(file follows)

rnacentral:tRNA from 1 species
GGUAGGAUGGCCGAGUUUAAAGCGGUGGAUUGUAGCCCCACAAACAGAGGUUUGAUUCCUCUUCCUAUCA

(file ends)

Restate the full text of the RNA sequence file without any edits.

rnacentral:tRNA from 1 species
GGUAGGAUGGCCGAGUUUAAAGCGGUGGAUUGUAGCCCCACAAACAGAGGUUUGAUUCCUCUUCCUAUCA